• Water bottle (with a straw) - Labour is thirsty work. Make sure you stay hydrated with an easy-access bottle either you or your birth partner can grab quickly.

These might not all make it into your hospital bag essentials, but here are some tips from other parents out there. They might just make your time in hospital a little more comfortable.

  • Your own pillow from home
  • Deodorant and moisturiser
  • Lip balm
  • A TENS machine
  • A great playlist, speaker and/or headphones
  • A mini fan
  • Sleep mask and ear plugs

Hospital bag toiletries

Anything you can do to feel more like yourself after giving birth is going to make you feel better. Here are some of the toiletries we’d recommend you pack in your hospital bag:

  • Hair tie or headband - to keep your hair away from your face.
  • Toothbrush and toothpaste - a simple freshen up can make a big difference.
  • Shower gel and shampoo - ready for when you’re able to enjoy a post-birth shower.
  • Cleansing wipes - so you can freshen up without going backwards and forwards to the bathroom.

Packing snacks in your hospital bag

Having enough energy is important during labour and delivery, both for you and your birth partner. Make sure you pack plenty of healthy and nutritious snacks and drinks in your hospital bag.

You may not feel like eating large amounts at a time, so handy ‘little and often’ snacks are a great choice. Slow release carbohydrates, sports drinks and snacks such as bananas and nuts can help to keep your energy levels up.

Take a look at some more ideas on what to eat during labour here.

How many breast pads should I take in my hospital bag?

Not everyone will have the same experience during the early days of breastfeeding. If this is something you’re concerned about, you might want to bring a small pack of breast pads in your hospital bag to help you manage leakage if it happens. 

If your partner will be with you during your labour, or you’ve chosen another birth partner, here are a few essentials they should think about packing in their hospital bag:

  • Change for parking/transport - Find out ahead of time about what the parking situation is at the hospital. Will you need cash/change? Can you pay by a parking app?
  • Snacks and drinks - Your birth partner might not be the one in labour, but they will be supporting you every step of the way, they’ll need to keep their energy levels up!
  • Games and reading material - There can be a lot of waiting around in the hospital when waiting for your baby to arrive. You and your birth partner will want to keep yourself entertained to pass the time.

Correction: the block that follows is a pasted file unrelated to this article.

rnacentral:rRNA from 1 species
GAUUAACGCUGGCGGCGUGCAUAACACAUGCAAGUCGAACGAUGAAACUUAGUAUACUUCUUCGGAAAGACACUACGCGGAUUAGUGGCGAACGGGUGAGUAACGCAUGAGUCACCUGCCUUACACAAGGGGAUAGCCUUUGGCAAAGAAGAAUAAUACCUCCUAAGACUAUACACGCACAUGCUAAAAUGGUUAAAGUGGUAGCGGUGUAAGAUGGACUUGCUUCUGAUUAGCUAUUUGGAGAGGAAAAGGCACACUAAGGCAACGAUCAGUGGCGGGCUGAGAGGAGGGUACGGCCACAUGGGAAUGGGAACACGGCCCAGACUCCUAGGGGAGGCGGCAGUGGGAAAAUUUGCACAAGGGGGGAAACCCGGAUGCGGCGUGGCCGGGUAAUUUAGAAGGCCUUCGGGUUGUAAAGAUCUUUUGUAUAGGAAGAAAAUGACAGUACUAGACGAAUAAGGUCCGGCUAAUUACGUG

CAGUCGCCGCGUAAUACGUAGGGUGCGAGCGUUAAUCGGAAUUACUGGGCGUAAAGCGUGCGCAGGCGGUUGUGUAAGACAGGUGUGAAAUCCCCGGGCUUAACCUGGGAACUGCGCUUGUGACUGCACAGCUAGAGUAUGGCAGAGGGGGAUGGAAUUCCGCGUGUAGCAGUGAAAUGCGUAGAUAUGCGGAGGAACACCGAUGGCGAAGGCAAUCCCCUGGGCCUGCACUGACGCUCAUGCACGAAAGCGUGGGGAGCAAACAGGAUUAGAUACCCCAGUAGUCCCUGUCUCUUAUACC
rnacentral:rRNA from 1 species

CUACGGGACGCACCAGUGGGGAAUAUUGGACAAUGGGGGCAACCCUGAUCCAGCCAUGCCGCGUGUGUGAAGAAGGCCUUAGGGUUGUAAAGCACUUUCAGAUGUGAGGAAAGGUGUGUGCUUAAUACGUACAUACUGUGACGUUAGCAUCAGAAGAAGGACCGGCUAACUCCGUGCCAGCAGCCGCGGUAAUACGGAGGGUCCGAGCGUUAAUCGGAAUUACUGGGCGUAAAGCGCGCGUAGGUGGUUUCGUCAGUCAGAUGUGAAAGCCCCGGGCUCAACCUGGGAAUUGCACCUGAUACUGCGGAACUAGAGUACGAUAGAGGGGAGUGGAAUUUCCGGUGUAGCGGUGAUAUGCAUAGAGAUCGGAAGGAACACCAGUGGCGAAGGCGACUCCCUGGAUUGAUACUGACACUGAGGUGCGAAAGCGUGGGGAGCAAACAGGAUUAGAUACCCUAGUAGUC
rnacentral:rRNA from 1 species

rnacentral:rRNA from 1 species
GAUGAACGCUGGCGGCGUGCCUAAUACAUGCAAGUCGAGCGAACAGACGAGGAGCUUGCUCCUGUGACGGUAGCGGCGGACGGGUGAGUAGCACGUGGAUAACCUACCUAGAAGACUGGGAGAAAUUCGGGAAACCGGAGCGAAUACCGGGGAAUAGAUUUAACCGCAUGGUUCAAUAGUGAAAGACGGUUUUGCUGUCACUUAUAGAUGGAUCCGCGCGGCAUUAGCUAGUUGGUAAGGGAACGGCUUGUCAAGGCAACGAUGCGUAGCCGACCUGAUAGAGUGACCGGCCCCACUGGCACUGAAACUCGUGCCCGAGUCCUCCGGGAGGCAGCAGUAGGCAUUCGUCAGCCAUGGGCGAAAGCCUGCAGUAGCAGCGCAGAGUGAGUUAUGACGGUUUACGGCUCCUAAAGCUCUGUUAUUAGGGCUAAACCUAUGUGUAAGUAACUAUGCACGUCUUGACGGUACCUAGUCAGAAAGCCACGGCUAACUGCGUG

• Toothbrush, toothpaste and a change of clothes - A little freshening up can make all the difference, especially if your labour is long.
  • A written list of contact details - If for whatever reason your phone runs out of battery/you’re not allowed to use mobile phones in your particular hospital, these will come in handy to keep friends and family updated.

Your stay in hospital might last a few more days if you’ve opted for an elective C-Section, so  you might want to make sure you throw in extra high waisted pants to protect your scar after surgery, and some additional entertainment.

Keep in mind that your movement will be restricted after C-Section, so clothes with buttons that are easy to put on, and slip on shoes or flip flops are a great option.

There isn't a massive amount of space on a hospital ward, so try to keep your hospital bag to carry-on suitcase size at most, with the addition of a changing bag if you need it. There are plenty of bags to choose from, with handy compartments to fit all your essentials in.

Don’t panic if you forget something. Your birth partner or friends and family can always bring things to you at the hospital if you need them.

If you’re expecting twins, the same principles apply when it comes to packing your hospital bag. Essentially, you’ll need the same things, just with double the amount of clothes and car seats.

You could pack two separate bags to incorporate the extras you’ll need, and leave one in the car or with your birth partner to bring when you need it.

It’s often a surprise to meet your baby earlier than expected, particularly if you like to be prepared.

However, all you need to do is focus on you and your baby. Hospitals are very well-equipped to deal with premature babies, and will be able to provide everything that they need in the first instance. You’ll have plenty of time for you to get the things you need once you have a better idea of how long you’ll be in hospital.

If your early labour has been planned and advised (for example  if you or your baby have a health condition) you may have some time to pack your hospital bag. Include some early baby sized clothes and smaller sized nappies.